The Salina Journal from Salina, Kansas on October 20, 1996 · Page 13
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The Salina Journal from Salina, Kansas · Page 13

Salina, Kansas
Issue Date:
Sunday, October 20, 1996
Page 13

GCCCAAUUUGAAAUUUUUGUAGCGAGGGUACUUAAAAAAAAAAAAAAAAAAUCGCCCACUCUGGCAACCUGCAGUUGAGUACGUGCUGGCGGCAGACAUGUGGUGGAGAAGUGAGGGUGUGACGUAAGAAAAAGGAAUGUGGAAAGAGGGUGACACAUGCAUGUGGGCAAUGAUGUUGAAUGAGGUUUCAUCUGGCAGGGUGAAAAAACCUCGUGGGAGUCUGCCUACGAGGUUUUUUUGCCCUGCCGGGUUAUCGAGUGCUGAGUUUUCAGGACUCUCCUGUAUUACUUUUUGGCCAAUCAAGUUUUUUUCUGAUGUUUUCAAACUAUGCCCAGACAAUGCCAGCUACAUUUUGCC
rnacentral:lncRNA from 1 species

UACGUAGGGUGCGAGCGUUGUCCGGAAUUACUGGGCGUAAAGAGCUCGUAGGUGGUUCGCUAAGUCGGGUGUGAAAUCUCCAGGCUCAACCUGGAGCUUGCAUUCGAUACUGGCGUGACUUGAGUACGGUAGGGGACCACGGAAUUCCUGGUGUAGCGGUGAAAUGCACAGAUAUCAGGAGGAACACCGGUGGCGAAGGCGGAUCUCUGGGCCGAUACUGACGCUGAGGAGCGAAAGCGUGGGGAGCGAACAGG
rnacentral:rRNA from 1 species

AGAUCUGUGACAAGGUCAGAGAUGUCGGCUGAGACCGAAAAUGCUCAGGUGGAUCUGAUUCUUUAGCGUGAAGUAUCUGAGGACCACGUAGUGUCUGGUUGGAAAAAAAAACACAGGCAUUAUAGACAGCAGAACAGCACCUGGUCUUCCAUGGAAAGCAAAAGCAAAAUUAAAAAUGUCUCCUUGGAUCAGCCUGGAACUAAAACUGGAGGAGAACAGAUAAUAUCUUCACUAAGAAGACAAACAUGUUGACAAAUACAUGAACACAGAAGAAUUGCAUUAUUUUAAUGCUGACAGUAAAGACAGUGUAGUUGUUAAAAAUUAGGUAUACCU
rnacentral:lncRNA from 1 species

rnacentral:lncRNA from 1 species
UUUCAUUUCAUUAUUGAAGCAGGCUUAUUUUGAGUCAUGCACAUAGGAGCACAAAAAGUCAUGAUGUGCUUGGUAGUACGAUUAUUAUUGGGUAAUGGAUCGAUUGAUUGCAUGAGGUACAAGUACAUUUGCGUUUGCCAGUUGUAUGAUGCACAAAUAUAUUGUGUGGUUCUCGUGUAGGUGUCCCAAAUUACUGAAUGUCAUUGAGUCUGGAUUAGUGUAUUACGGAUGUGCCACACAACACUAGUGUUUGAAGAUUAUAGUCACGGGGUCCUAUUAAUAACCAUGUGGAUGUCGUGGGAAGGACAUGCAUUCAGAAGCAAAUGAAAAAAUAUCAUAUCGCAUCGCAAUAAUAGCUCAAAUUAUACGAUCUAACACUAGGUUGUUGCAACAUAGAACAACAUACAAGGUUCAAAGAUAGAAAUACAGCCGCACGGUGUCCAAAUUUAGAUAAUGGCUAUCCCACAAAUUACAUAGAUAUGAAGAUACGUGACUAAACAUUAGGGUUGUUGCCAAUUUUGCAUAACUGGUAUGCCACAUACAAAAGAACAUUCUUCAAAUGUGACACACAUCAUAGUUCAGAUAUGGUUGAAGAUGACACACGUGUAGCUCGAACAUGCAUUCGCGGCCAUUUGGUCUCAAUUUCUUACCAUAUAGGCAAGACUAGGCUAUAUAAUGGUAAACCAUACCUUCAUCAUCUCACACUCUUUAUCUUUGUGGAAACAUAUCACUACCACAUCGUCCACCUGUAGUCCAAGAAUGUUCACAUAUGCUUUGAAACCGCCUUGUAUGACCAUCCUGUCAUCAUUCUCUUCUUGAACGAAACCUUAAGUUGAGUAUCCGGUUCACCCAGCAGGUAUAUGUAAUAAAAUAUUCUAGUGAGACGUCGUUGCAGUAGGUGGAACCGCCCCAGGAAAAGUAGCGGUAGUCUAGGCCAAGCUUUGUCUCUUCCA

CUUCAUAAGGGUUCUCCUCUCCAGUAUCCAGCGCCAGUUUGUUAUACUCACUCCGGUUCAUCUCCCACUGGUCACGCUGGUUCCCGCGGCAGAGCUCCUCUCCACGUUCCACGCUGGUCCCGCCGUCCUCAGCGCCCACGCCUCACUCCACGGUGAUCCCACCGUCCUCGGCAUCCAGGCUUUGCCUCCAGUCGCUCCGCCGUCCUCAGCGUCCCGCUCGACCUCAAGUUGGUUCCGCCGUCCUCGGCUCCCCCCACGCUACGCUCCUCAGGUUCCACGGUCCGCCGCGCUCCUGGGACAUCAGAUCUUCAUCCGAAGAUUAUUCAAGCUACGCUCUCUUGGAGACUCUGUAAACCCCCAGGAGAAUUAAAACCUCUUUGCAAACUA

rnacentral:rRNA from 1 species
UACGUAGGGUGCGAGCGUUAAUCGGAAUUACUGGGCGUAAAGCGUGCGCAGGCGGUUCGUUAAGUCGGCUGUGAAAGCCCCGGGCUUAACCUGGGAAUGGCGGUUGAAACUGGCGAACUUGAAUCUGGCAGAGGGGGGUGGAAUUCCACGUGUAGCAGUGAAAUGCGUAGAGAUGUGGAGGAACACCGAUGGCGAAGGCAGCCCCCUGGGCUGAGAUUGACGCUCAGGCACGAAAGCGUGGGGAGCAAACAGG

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SUNDAY OCTOBER 20, 1996 SAUNA JOURNAL Life WEDDINGS / B2 MILESTONES / B3 CROSSWORD / B8 B Our Golden Sorrow set to verse stitches together the lives of prayer group members T I T.V. I :x / V X \ 1 \ Frances Darby, who took a writing class at a senior center four years ago, keeps a diary In addition to writ- Ing poetry. Photos by Scripps Howard News Service Frances Brinkley Cowden participates In a prayer group at the Colonial United Methodist Church in Memphis, Tenn. Cowden has published a collection of writings by the group's members called "Our Golden Thread." Churches, hospitals and nonprofit associations offer various forms of support for people dealing with grief. Many churches, especially larger ones, have small support • groups for grief and other maladies of the spirit. Hospices offer physical, spiritual and emotional support to dying patients and their families. Grief support also is offered by a number of nonprofit groups, including local chapters of such organizations as the Alzheimer's Association, the American Cancer Society and the AIDS Interfalth Network. , • , Newspaper classified, ads and church pages, as well as the commercial pages In. telephone books, are Bother good places to begin' searching for support groups. A list of Sallna and area support groups is published the first Sunday of the; month in the Life section of the SalinaJournal, x > ,',-,', .To list your group, call the Life, Department, at 9.13-823-6363 or 1800-827-6363. "' '• \ By DAVID WATERS ''Scripps Howard News Service /MEMPHIS, Tenn. — When age and circumstance choke their hearts with grief, they ..hold on to each other and to God. And they (> write. « Most of them are women who belong to the same SShurch, or at least the same circle of friends. Most of them are not so young anymore. Their faith and friendships led them to form a prayer group. A few years ago, their prayers pulled them into a project. Now the project is a book. , The book stitched their lives together with a gold; en thread of faith. The words they wrote unlocked their souls and soaked up the grief. .:'", They called the book "Our Golden Thread." " It is filled with sorrows set to verse, then set free; prose penned to ease and release the pain. Frances Brinkley Cowden can talk about it now. She remembers being in a hurry. She remembers backing the car out of the driveway. It all happened so fast and so long ago. A moment in time 30 years ago. Backing the car onto the road. Checking the rear-view mirror. Seeing the motorcycle. Frantically reaching for the gear shift. Feeling the world crash into her. Frances can talk about it now. But first she had to write about it: ,, "The cycle thundered into the rear of my car. A teen-age boy was killed. And I went into a severe depression. But I wadded the pain and guilt into a tight ball and stuffed it into my soul.... I could not drive into the driveway without reliving the scene." Frances lived in Arkansas then. She was married then. She had four small children. The horror of that moment changed everything. Her marriage ended in divorce. She moved to Memphis with her kids and .became a schoolteacher. Frances Darby writes poems to ease the emotional burden of caring for her husband, the Rev. James Darby, who has Parkinson's disease. The couple live In Memphis. For years she didn't talk about what happened. But the guilt and the grief kept mounting, festering. Occasionally, she would see a motorcycle and a charge would jolt her body and bring her back to that day and the sight of the 14-year-old boy she never knew. "I went to church every Sunday. Yet I was an unbeliever because I could not believe that God could forgive me. Until we can give God our guilt, real or imagined, we cannot give him our grief." Frances, 57, held on to her guilt and her grief until four years ago, when her grandmother died. Gladys Louise Bullard was a Christian woman. She often talked to her granddaughter about faith. She sent her devotionals. Frances never read them. Grief too big to hold Six months after her grandmother died, Frances found herself praying. The new grief had piled on the old. It was too big for her to hold. She gave it to God. He forgave her. Then Frances began to write — about her grandmother, about the accident. The writing freed her. She talked to her friends about the experience. She brought it to her prayer circle at Colonial United Methodist Church in Memphis. Others shared their own grief. Frances began asking people to write about their grief and their faith. Those exercises became a collection. As the prayer group prayed, the collection became a book. Frances published the book herself. "Suffering can make us scarred or stronger. We can reach inward, curl up and be totally absorbed with self, or we can reach outward and accept the love of each other and grow in the understanding of. our God." Frances Darby is a pastor's wife. Rev. James Darby, 83, retired years ago. His wife works more than ever. About nine years ago, doctors said James Darby had Parkinson disease, a cruel brain disorder that works like a thief, stealing nerve cells and muscle control. Now, Frances Darby, 70, spends most of her time at home tending her bedridden husband. Her poetry provides refuge, perspective. See GRIEF, Page B7 T RELATIONSHIPS It only takes one of you to stop the senseless bickering DORIS WILD HELMERING St. Louis Post-Dispatch Many couples don't like to argue but say they don't know how to stop "What do you have scheduled for Saturday?" asked Jim. "I told you," said Pam, "we're supposed to go to the Smiths' for a barbecue." "You didn't tell me that," Jim replied. "I certainly did," said Pam. "No, you didn't," said Jim. "Oh, yes I did," said Para. This type of trivial disagreement is typical for many couples. A similar scenario: A partner says one thing, and the other partner interprets it to mean something quite different. For example, Pete says, "I think we need to do some landscaping in the back." Later in the day, Joan says, "Let's go over to the nursery and look at some plants." Pete responds, "What for?" Joan says, "I thought you said you wanted to do some landscaping." Pete says, "Well, I wasn't thinking about this year." Joan says, "Why did you bring it up if you weren't talking about this year? I think you know you meant this year. It's just that you don't want to go to the nursery today and you're trying to get out of it." Pete responds, "What you're saying is not true." What's unfortunate is that neither couple is able to let go of such hassles and move on. Why do people choose to fight over such nonsense? It's a way to exchange strokes. Back and forth the recognition goes. It also gives them something to talk about, it takes little effort and it demands almost no brain power. These skirmishes give people something to pout about. If I'm pouting, I don't have to fix dinner. I can go to the mall and shop. I can drink too much. Or I can play golf all weekend — guilt free. I deserve it because I have an impossible mate. When confronted with why they fight, most people say they don't want to argue but they don't know what to do to stop. If you seem to be trapped bickering over little things like who said what, how and when, here are some ways to extricate yourself. If your mate says, "You didn't tell me that" and you recall you did, say, "Well, I remember it differently. But no matter. We're supposed to go to the Smiths' for a barbecue." The lines, "Well, I remember it differently. But no matter" allow you to hold your position while simultaneously backing down. If your mate continues to say, "You've got it all wrong," say, "Well, here's what I meant to say." If your mate continues with something such as, "Then why don't you say what you mean," simply use the broken-record routine and repeat your original statement: "Well, here's what I meant to say." This response not only keeps you on track but also moves the disagreement from the past to solving it in the present. The beauty of these two techniques is it only takes one of you to stop the bickering. Doris Wild Helmering is a psychotherapist and author. SUGGESTIONS? CALL SHERIDA WARNER, LIFE EDITOR, AT (913) 823-6363 OR 1-800-827-6363 ,*•_«._ *...*